I-CUBE, a new accelerator designed to help student entrepreneurs launch and commercialize new products or services for the market, opened on February 10 in the Innovation Complex.
I-CUBE will offer early-stage business development and commercialization services to students, and will function not only as an economic force but also, as I-CUBE’s faculty lead Professor Nicola Lacetera said, the project is “first and foremost, a learning experience”.
At I-CUBE, students can develop their ideas and have their ideas assessed by local business and innovation leaders and alumni.
At the accelerator, the foundation of a new start-up will be prepared for commercialization.
Mayor Bonnie Crombie also attended the launch along with other notable figures.
The accelerator, housed within the Institute for Management & Innovation, was established with $110,000 of U of T’s $3 million in funding from the province.
The funding came as part of U of T’s partnership with the Ontario Centres of Excellence, which is also a member of Ontario Network of Entrepreneurs.
“I want to see students graduate from institutions like UTM and use the Innovation Cube as a launching pad to grow their ideas and their promising careers in Mississauga,” Crombie said at the event.
She also mentioned the upcoming launch of the Mayor’s Taskforce on Innovation and Entrepreneurship, which will connect investors with job creators and is intended to foster entrepreneurial growth. UTM is one of the organizations that will have a seat on the task force.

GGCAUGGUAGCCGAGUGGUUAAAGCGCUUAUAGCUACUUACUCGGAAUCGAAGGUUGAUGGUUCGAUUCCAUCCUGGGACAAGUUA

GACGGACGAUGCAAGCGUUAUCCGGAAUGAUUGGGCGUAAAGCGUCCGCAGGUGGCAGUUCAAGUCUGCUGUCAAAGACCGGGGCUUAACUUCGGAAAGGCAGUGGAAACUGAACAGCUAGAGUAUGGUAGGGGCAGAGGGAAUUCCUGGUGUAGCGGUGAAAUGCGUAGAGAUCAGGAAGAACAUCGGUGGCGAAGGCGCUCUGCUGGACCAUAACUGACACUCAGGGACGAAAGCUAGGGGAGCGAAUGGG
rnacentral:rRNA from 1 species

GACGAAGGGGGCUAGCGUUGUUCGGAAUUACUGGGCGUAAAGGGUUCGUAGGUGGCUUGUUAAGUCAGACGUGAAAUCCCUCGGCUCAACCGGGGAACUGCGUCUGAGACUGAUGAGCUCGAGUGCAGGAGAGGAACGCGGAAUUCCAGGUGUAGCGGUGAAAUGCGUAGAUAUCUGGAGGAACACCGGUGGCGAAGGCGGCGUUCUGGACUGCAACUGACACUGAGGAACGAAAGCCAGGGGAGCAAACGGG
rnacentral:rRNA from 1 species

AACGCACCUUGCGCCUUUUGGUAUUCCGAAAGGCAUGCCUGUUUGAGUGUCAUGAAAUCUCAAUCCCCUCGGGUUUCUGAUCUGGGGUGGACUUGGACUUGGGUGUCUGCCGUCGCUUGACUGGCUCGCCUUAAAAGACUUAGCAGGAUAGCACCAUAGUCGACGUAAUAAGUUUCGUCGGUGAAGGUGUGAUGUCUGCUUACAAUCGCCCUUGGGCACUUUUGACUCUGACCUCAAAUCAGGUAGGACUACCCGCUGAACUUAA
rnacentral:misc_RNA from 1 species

Moridi, who is also Ontario’s Minister of Research and Innovation, mentioned the development of an entrepreneurial spirit among students as a key component of Ontario’s Youth Jobs Strategy.
Also present at the launch were Tom Corr, president and CEO of OCE, and OCE representative Shantanu Mittal.
Deep Saini, UTM principal and vice-president of U of T, spoke at the launch, saying, “I-CUBE offers our student entrepreneurs the chance to brainstorm, develop viable concepts, and proceed through the early stages of commercialization.”
Harinder Takhar, MPP for Mississauga-Erindale, who previously headed the Ontario Ministry of Small Business and Entrepreneurship, said that the future growth of business in the province, and especially in Mississauga, will require “new, innovative entrepreneurs”.
Development of the I-CUBE project began last July and continued throughout the summer.
Co-founder of I-CUBE Hazem Danny Al-Nakib, a fourth-year business management specialist and the student director and president of I-CUBE, said, “I was lucky and able to form a team of students from different areas of study at the graduate and undergraduate level to help develop and create a business accelerator.”
Al-Nakib further emphasized how the partnership between faculty, staff, and students has proven one of I-CUBE’s major strengths.
I-CUBE’s major focus, he said, is to provide an opportunity to students for hands-on learning in order to equip them to be future industry and community leaders.
Al-Nakib said that the taskforce involved in the project—which includes faculty, staff, and experienced entrepreneurs—plans to help students either develop prototypes and source funding options, or provide guidance from volunteer mentors from the Mississauga Business Community.
The five-month summer ICE program begins in March.